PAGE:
7-9 September 2022
Cosener's House
Europe/London timezone

The role of histidines in antimicrobial peptides

9 Sep 2022, 10:00
Cosener's House

Cosener's House

15-16 Abbey Cl, Abingdon, Oxfordshire, UK, OX14 3JD
Oral Presentation


Amanda Eriksson Skog (Lund University)


Antimicrobial peptides (AMPs) are characterized as small, cationic peptides which, as the name suggests, show antimicrobial properties; something that has received considerable attention in recent years. These peptides can, according to structure, be classified into four different groups: extended AMPs, -hairpin or loops, -sheet, and amphipathic -helical [1-2]. In this work the focus is directed at the extended AMPs with sequences rich in glycine, arginine or histidines, with little or no secondary structure [1]. As a model peptide we are working with the histidine rich, intrinsically disordered peptide Histatin 5 (Hst 5), a small saliva peptide of 24 amino acids with a net positive charge. The sequence consists of seven histidines and is known to have antimicrobial properties and it acts as the first defense against oral candidiasis caused by Candida albicans [3]. Hst 5 has been studied by our group over the past ten years and is well characterized in bulk conditions. We now wish to move further and characterize the peptide in vicinity of a solid surface as well as lipid bilayers to understand the structure-function relationship. In a previous study [4] we have shown that Hst 5 can traverse the solid supported bilayer at low ionic strength without disrupting the internal structure of the bilayer. However, at physiological ionic strength, the peptide penetrates and resides both within the bilayer, as well as below it. Our hypothesis is that the number of histidines in the sequence is important for the mechanism of interaction, due to its possibility to charge titrate and charge regulate [5]. To investigate this, a number of variants have been designed, and the interaction with a negatively charged phospholipid bilayer is investigated using surface active techniques such as neutron reflectivity and QCM-D. This will be complemented with atomistic and coarse grained molecular simulations.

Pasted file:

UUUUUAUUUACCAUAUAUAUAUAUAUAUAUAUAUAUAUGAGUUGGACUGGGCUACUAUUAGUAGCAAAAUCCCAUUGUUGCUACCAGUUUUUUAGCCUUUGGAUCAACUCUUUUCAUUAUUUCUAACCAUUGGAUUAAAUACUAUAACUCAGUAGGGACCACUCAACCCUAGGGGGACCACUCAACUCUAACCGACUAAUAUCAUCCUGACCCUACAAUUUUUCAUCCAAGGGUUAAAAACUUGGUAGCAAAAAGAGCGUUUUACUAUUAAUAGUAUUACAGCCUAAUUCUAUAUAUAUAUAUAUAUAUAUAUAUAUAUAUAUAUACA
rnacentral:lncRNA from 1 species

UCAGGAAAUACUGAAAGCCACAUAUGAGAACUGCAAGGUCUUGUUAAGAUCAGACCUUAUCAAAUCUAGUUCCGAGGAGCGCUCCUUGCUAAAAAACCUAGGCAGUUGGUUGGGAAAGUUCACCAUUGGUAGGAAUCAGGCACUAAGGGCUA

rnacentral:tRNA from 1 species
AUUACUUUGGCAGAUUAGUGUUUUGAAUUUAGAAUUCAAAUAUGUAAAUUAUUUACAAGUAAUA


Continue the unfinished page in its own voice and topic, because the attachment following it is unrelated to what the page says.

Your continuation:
[1] A. Hollmann, M. Martinez, P. Maturana, L.C. Semorile and P.C. Maffia, Frontiers in Chemistry, 2018.
[2] D.I. Andersson, D. Hughes, J.Z. Kubicek-Sutherland, Drug Resistance Updates, 2016, 26, 43-57.
[3] S. Puri, M. Edgerton, Eukaryotic Cell, 2014, 13, 958-964.
[4] Y. Gerelli, A. Eriksson Skog, S. Jephthah, R. J. L. Welbourn, A. Klechikov, M. Skepö, Langmuir, 2020, 36, 3997-4004.
[5] A. Kurut, J. Henriques, J. Forsman, M. Skepö, M. Lund, Proteins, 2014, 82, 657-667.

Primary authors

Amanda Eriksson Skog (Lund University) Prof. Marie Skepö (Lund University) Dr Yuri Gerelli (Università Politecnica delle Marche)

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